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Andy Etchebarren

October 3, 2006

I’m not usually a conspiracy theorist, but I think major league baseball might have been up to something in its dealings with Andy Etchebarren.

Point 1:
Many catchers attempt to lessen the punishing toll of their grueling chores by learning to play another much less demanding position, usually first base or left field. The Cardboard God era provided ample evidence of this practice; for example, the all-star perennials of that time–Fisk, Munson, Carter, and Bench–all took occasional breaks from finger-fracturing foul tips and constant knee-ruining squats to feel the wind in their hair in the outfield or chat about their sailboat with baserunners about to take a lead off of first. By contrast, in his entire 15-year career, Andy Etchebarren was never once permitted to man a fielding position that did not require that his face be entirely covered by a mask.

Point 2: Though he showed signs of being ready earlier, Andy Etchebarren was only allowed to become a major league regular in 1966, the year after Don Mossi retired. Despite the unspoken quota system this restriction seems to imply, Etchebarren nonetheless came moments away from facing Mossi in the 9th inning of a late-season game during a brief call-up in 1965. At that time, Mossi, the Babe Ruth of ugly, was a left-handed specialist most often brought in to face left-handed batters, and Etchebarren was on the cusp of a long career in which he would generally be used as the right-handed-batting specialist in catching platoons. In other words, there seems to be no traditional reason for Etchebarren to have been lifted from the game for a pinch-hitter, but lifted he was, for a .231-hitting journeyman named Dick Brown, thus preventing a matchup that would have given children nightmares long after they had ceased to be children.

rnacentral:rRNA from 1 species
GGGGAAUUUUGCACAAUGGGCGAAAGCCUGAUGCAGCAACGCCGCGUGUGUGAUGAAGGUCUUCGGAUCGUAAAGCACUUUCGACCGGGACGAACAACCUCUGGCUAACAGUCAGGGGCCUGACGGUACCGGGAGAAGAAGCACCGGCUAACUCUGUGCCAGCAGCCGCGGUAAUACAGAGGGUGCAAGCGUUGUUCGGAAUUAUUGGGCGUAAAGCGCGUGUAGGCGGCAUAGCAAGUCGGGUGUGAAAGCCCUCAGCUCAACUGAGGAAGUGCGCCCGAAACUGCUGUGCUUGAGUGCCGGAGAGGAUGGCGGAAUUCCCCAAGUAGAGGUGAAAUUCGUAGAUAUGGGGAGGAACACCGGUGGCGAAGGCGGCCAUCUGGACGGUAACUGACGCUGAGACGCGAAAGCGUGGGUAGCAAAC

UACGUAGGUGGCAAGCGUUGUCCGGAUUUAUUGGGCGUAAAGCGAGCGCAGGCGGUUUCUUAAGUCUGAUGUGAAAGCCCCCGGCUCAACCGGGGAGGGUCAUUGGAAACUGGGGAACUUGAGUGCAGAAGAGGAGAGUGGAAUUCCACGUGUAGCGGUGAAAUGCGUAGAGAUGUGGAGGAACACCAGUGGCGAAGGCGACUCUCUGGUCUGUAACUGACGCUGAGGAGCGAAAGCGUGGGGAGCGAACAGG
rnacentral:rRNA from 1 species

5 comments

  1. 1.  1 comment from old CG site:

    Ramblin’ Pete said…
    His ’74 Topps card was even scarier.

    As fan of the “Underdog” cartoon show as a child, Etchebarren always reminded me of a somewhat less-stocky Simon Bar Sinister.

    His card scared me.

    4:37 PM


  2. 2.  The baseball card I had the most duplicates of was Andy Etchebarren, probably 7 or 8, and I thought he was the ugliest ballplayer I had ever seen, and with one of the ugliest names. And nobody wanted to trade FOR an Andy Etchebarren card, much less 7 or 8 of them.


  3. 3.  Good God… ulgier than a bag of assholes. Still, a true Cardboard God legend. I used to look at his cards and question the idea of Man as God’s final word.


  4. Good lord, I’d forgotten about this card. Andy Etchebarren owned (or at least lent his name to) a liquor store in Hacienda Heights, CA near my house. I always dreamed of going in there to buy a pack of baseball cards (hey, I was 10) and having an actual big leaguer sell them to me. Never happened; I probably would have been a little scared anyways.


  5. Andy Etchebarren and Frank “Noodles” Zupo . Separated at birth



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